Moving forward, Gunter advocated for the need to change terms like feminine hygiene to menstrual hygiene to reflect what these terms actually mean. Gunter debunks one of the big myths on a lot of the pseudoscience sites that the vagina is the 'seat of your feminine energy. "I believe you are a woman if you feel that you are a woman and that body parts do not make you a woman." When addressing the lack of adequate health care for transgender and gender non-binary individuals, Gunter expressed how important it is to try and be as inclusive as possible for every single person. "Everybody suffers when we don't talk about this openly. The more we can talk about this, the more everyone benefits."

Marketing of Medical Misinformation

Gunter directly addresses those investors present in the TechFestNW audience, reminding them of the importance of being careful about what they're investing in and what the end game is. She asks, "How are you going to be different than everybody else who throws something out without any good science behind it so women can waste their money on more shit?"

Using Dr. Ben Goldacre's analogy of the airline industry, Dr. Gunter observes, "If there's a problem with the airline industry, the answer is not to invest in magic carpets. That's exactly what pseudoscience is. It's a magic carpet. It's making up things." When something is wrong with her body, she wants to have facts and science so she can make a choice. Conversely, this type of pseudoscience offers no choices, only the option of purchasing a product.

Misinformation about women's bodies not only sells useless products and causes people to waste their money, but it can also lead to women delaying diagnosis. It also encourages women to believe they may be "unclean" in ways that they are not, leading them to purchase items like a douche that can actually be quite harmful. Additionally, this misinformation can sometimes result in changes to legislation, creating extra threats to women's bodies in regard to reproductive health.

With her book The Vagina Bible: The Vulva and the Vagina: Separating the Myth from the Medicine, Gunter is poised to continue her battle against those who push pseudoscience in the pursuit of profit. Time will tell if she can succeed in separating the sorcery from the science, thus enabling women to reclaim the power of the pussy.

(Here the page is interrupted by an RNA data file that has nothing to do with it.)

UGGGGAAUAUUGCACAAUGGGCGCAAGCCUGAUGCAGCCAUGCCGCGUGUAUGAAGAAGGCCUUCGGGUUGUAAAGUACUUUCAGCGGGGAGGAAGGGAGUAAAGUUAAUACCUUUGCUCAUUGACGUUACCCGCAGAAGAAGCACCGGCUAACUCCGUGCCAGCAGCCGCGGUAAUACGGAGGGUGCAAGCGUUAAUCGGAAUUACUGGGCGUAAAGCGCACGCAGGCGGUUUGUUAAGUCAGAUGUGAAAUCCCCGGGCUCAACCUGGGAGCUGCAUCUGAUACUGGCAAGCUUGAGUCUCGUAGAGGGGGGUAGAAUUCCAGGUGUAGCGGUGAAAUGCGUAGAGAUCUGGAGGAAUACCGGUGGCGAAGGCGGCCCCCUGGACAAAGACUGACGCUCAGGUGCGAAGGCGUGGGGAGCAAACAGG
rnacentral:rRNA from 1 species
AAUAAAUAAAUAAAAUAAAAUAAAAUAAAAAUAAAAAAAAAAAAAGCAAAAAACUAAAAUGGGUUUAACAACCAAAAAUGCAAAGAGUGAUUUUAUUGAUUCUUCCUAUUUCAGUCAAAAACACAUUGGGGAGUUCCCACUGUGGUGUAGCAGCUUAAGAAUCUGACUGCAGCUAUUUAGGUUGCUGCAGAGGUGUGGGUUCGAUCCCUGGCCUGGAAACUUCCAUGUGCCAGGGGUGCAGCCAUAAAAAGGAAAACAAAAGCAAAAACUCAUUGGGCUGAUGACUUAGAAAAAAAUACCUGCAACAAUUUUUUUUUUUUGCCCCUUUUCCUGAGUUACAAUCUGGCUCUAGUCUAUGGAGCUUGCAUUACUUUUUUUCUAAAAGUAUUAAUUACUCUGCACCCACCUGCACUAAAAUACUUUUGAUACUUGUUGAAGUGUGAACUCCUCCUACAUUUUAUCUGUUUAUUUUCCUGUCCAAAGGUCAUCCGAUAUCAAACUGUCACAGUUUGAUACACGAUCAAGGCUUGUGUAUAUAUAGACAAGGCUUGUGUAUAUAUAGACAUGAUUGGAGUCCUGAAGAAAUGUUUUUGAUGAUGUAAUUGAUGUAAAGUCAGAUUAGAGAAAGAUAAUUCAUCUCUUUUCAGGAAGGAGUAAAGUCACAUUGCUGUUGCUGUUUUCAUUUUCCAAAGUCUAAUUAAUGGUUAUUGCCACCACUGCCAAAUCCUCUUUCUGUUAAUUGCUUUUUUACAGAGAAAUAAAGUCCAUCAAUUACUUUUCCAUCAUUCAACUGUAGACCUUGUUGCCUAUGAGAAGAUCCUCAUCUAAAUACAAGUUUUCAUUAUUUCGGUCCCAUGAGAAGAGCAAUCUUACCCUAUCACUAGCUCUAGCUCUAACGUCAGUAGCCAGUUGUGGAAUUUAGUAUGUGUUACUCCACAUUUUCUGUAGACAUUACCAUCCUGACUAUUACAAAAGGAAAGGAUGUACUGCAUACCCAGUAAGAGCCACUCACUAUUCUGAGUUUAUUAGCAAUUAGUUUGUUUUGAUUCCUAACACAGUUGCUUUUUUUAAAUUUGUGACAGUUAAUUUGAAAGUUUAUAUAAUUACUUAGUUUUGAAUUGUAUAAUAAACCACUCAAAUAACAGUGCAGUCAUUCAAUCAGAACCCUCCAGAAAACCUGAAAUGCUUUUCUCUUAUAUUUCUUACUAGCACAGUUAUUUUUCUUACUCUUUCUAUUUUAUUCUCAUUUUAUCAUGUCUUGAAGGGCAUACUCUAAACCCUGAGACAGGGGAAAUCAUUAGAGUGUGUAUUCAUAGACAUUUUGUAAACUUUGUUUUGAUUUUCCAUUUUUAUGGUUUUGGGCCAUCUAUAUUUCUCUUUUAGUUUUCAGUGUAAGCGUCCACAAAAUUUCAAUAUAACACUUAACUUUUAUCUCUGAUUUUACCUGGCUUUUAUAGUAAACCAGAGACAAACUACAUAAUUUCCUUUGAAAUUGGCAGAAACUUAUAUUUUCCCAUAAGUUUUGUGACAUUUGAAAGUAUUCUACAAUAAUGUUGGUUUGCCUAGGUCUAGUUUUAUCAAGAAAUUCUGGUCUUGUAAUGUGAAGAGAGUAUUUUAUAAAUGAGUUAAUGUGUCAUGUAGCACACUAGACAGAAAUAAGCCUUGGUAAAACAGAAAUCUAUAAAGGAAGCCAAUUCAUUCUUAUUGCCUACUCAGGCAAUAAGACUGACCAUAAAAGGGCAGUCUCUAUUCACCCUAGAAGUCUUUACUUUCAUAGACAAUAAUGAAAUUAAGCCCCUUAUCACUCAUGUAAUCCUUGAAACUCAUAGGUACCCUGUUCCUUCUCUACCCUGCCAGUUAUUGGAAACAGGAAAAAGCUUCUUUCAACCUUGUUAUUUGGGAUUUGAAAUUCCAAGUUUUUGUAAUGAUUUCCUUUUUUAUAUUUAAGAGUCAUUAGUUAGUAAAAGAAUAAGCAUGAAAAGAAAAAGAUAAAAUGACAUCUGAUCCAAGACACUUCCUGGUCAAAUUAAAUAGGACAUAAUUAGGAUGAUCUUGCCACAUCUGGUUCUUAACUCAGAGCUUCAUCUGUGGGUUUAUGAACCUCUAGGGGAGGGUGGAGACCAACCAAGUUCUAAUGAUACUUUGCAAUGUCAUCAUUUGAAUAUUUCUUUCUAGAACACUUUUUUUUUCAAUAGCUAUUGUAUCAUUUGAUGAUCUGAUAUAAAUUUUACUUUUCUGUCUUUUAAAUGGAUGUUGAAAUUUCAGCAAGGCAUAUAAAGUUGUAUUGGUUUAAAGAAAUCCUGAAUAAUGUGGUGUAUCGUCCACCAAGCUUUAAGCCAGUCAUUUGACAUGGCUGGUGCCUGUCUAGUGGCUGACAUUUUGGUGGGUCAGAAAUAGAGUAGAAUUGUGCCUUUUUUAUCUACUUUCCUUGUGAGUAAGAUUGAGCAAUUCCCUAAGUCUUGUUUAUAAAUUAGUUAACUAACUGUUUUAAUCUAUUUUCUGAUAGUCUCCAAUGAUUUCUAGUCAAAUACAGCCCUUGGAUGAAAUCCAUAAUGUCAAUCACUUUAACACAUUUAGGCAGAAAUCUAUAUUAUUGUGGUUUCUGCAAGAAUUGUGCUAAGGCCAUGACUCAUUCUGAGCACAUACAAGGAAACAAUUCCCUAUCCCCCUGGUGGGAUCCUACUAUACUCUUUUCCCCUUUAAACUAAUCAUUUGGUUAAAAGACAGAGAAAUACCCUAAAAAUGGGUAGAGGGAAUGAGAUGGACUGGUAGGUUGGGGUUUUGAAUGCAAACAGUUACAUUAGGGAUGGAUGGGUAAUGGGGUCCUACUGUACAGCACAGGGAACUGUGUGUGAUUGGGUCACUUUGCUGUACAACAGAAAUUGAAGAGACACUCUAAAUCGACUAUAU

This article was originally published on May 13, 2019.

3 min read
Lifestyle

Help! I’m Sick of Seasonal Weight Gain!

Email armchairpsychologist@swaaymedia.com to get the advice you need!

Help! I'm Sick of Seasonal Weight Gain!

Dear Armchair Psychologist,
How would you deal with the seasonal weight gain that most women experience? I've put on literally 5–7 lbs around my waist/butt/lower thighs and it's the bane of my existence. Getting dressed hasn't even been fun lately:( I know it's "normal," but how do I battle the psychology behind this?
- McFattie in Brooklyn

Dear McFattie in Brooklyn,

I'm sorry to hear that the winter blues is making your zipper hard to close. Personally, I roll with the rolls during the dark and frigid winter season, while chalking the glutton up to a basic survival mechanism. The feelings that accompany being out of shape and not wanting to dress cute (because your clothes don't fit well) can be both demoralizing and a blow to your self esteem. In this fantastic post, the author suggests great techniques that include keeping things in perspective and to "Ignore the panic," "Get curious" about your weight gain, and to keep it moving by "getting out of your room." Best of all is the advice to "Remember all things that are more important than this." If these head games don't serve you over time, and you still feel low, there may be deeper underlying reasons to your weight gain. In this case, I suggest you speak to a qualified therapist.

- The Armchair Psychologist

Need more armchair psychologist in your life? Check out the last installment or emailarmchairpsychologist@swaaymedia.com to get some advice of your own!